Mariners, Martin Avoid Arbitration With 4.85 Million Dollar Contract


The Mariners and Leonys Martin narrowly beat out the 11 am arbitration deadline today with a deal that is worth 4.85 million dollars.

Following in the footsteps of Jean Segura, the Mariners have locked up their centerfielder, Leonys Martin for next year at a very fair price.

The 28-year-old Cuban-born Martin will be cashing in his largest annual paycheck to date, surpassing his previous highest salary of 4.75 million dollars from 2015 when he was with the Mariners division rival, the Texas Rangers.

By many accounts, Martin put up better numbers than the 2014 season that earned him that contract in his first year of arbitration.

In 2016 he had more walks drawn, more RBI’s and more home runs, despite his batting average being about .30 lower than in ’14.

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Martin also set career-highs in 2016 for runs scored and total bases with 72 and 196 respectively. But aside from his impressive statistical year, Martin was also one of the Mariners top fielders, part of the reason he was a fan favorite at Safeco Field.

Martin had a fielding percentage of .992 because he only committed three errors on 367 chances. Martin made sure he always got to the ball, no matter how messy it made his jersey or how much pain he would have to endure.

The countless acrobatic diving and leaping catches he made always induced ohs and ahs from the patrons at the ballpark, most likely from the away crowd as well.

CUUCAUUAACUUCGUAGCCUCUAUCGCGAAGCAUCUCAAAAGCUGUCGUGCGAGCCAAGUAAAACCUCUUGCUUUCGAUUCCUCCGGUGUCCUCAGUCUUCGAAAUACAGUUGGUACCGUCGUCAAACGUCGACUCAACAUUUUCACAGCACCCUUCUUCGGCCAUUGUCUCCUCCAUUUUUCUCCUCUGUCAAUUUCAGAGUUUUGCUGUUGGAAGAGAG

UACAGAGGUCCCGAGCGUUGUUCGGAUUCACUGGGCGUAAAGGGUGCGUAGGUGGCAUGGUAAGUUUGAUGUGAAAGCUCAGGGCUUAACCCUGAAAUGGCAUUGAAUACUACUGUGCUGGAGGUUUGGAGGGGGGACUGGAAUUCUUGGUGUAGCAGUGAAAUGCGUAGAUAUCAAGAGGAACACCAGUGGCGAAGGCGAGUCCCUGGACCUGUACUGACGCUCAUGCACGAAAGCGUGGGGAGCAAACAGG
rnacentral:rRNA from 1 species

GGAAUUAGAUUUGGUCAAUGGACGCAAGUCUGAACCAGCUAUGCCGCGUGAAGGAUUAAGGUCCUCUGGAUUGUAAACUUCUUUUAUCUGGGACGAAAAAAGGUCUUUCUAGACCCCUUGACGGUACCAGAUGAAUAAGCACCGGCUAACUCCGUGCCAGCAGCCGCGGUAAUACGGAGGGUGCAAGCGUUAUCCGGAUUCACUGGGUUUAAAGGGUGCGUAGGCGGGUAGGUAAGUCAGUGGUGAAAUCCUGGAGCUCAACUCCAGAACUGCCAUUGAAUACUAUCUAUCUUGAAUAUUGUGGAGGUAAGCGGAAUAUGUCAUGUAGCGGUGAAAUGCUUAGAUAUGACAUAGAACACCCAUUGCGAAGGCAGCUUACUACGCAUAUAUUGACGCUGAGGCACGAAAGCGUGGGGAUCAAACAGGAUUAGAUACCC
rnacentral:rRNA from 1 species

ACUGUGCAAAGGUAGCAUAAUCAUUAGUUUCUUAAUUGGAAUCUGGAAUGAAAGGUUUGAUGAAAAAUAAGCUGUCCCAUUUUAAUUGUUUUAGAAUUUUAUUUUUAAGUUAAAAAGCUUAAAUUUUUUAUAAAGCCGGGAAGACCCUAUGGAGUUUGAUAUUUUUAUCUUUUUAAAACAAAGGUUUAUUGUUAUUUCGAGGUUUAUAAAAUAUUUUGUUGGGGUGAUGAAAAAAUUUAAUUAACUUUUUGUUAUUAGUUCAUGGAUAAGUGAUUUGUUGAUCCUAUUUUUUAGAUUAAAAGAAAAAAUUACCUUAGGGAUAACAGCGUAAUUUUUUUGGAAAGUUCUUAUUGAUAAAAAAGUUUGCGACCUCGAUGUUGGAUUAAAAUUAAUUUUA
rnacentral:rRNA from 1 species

Many fans will remember his Griffeyesque home run robbery of Ian Desmond in a heated late August affair between the Mariners and his former team.

Martin raced all the way to the wall nearly at full speed, lunging towards the ball with one leg partially dug into the padding for leverage as he reached up and over the wall to bring the ball back into the park.

The Mariners would go on to lose the game 6-3, but that effort by Martin took the cake as the defensive play of the game.

And no one can forget when Martin sacrificed his body to give the Mariners a win back in late April.

With a Kansas City Royals runner at second with two outs in the bottom on the ninth, Martin chased down a ball that was headed for the top of the outfield wall, and surely would have brought in the tying run.

Instead, Martin leaped with so much force into the wall as he grabbed the ball in his glove, that he stumbled backward and fell to the ground where he needed a couple seconds to regain his composure.

It was plays like that, his offensive showing, and his sunny, outgoing disposition that made him a fan favorite as well as a productive member of the Mariners.

Next: Mariners, Segura Avoid Arbitration

It is for all of those reasons why his 4.85 million dollar deal is worth it. Hopefully, he will continue to amaze Mariners fans with his all-around play in 2017.